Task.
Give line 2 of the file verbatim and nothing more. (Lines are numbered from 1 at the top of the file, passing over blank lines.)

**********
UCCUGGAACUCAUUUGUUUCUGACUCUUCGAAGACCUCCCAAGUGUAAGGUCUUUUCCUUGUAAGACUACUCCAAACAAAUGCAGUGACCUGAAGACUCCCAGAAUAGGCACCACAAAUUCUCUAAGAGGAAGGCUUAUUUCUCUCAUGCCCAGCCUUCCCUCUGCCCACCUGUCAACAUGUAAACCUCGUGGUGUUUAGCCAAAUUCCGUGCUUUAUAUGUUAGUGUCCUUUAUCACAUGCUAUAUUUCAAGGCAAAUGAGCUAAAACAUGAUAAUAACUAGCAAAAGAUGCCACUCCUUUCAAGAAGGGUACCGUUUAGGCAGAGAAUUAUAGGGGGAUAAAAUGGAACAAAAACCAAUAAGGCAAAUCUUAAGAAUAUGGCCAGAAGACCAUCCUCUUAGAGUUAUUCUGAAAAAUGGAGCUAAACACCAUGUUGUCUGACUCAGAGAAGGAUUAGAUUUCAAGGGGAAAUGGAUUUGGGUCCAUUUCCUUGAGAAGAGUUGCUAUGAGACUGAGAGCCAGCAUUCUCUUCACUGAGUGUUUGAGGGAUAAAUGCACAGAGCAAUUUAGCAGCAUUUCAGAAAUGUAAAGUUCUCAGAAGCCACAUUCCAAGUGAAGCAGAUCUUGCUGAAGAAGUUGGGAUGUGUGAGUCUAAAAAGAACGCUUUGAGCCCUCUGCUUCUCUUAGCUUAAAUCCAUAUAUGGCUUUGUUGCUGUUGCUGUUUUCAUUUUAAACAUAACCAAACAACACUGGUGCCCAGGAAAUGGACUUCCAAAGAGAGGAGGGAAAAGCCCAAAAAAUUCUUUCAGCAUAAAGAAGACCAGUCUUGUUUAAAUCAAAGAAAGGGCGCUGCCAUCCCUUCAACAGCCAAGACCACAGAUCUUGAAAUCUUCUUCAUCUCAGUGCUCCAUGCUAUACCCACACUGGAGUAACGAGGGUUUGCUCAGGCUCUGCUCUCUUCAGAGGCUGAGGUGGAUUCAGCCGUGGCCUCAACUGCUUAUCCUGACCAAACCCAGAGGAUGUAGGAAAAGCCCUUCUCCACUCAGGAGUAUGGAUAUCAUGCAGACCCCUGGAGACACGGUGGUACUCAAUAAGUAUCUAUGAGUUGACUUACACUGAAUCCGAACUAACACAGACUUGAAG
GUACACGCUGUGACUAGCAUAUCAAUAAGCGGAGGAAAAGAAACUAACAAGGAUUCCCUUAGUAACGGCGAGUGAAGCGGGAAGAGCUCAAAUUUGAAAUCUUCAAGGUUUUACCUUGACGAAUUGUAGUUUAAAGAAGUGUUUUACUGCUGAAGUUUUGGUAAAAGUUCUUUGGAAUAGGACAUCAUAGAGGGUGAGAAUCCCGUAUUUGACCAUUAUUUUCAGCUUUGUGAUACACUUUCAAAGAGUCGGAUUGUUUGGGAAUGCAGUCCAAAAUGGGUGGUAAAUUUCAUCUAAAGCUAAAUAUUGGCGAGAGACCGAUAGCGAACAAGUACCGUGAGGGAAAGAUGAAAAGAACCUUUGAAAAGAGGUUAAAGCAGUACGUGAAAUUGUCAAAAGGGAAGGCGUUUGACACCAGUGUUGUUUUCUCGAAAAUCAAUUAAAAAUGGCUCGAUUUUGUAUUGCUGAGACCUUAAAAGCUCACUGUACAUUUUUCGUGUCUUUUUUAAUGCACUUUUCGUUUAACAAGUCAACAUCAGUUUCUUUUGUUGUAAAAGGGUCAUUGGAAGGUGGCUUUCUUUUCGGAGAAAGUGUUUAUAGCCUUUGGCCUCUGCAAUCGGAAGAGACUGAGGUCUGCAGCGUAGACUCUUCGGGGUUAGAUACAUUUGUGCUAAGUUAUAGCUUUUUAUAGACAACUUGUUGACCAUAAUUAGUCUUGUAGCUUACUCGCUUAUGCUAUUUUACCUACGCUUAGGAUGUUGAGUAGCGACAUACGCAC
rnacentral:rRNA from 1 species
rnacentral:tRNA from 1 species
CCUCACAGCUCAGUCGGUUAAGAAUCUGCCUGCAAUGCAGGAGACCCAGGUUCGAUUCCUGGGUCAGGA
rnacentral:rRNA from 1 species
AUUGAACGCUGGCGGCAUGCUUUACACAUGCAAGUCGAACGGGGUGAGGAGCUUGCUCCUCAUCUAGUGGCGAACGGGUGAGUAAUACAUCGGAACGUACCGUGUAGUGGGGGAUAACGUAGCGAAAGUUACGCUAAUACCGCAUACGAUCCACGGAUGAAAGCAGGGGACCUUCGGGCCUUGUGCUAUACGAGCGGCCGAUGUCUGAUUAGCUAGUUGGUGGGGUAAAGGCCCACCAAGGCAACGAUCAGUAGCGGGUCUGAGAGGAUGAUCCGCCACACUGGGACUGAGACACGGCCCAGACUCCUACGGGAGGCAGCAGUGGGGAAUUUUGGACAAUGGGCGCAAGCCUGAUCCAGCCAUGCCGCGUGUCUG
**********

GUACACGCUGUGACUAGCAUAUCAAUAAGCGGAGGAAAAGAAACUAACAAGGAUUCCCUUAGUAACGGCGAGUGAAGCGGGAAGAGCUCAAAUUUGAAAUCUUCAAGGUUUUACCUUGACGAAUUGUAGUUUAAAGAAGUGUUUUACUGCUGAAGUUUUGGUAAAAGUUCUUUGGAAUAGGACAUCAUAGAGGGUGAGAAUCCCGUAUUUGACCAUUAUUUUCAGCUUUGUGAUACACUUUCAAAGAGUCGGAUUGUUUGGGAAUGCAGUCCAAAAUGGGUGGUAAAUUUCAUCUAAAGCUAAAUAUUGGCGAGAGACCGAUAGCGAACAAGUACCGUGAGGGAAAGAUGAAAAGAACCUUUGAAAAGAGGUUAAAGCAGUACGUGAAAUUGUCAAAAGGGAAGGCGUUUGACACCAGUGUUGUUUUCUCGAAAAUCAAUUAAAAAUGGCUCGAUUUUGUAUUGCUGAGACCUUAAAAGCUCACUGUACAUUUUUCGUGUCUUUUUUAAUGCACUUUUCGUUUAACAAGUCAACAUCAGUUUCUUUUGUUGUAAAAGGGUCAUUGGAAGGUGGCUUUCUUUUCGGAGAAAGUGUUUAUAGCCUUUGGCCUCUGCAAUCGGAAGAGACUGAGGUCUGCAGCGUAGACUCUUCGGGGUUAGAUACAUUUGUGCUAAGUUAUAGCUUUUUAUAGACAACUUGUUGACCAUAAUUAGUCUUGUAGCUUACUCGCUUAUGCUAUUUUACCUACGCUUAGGAUGUUGAGUAGCGACAUACGCAC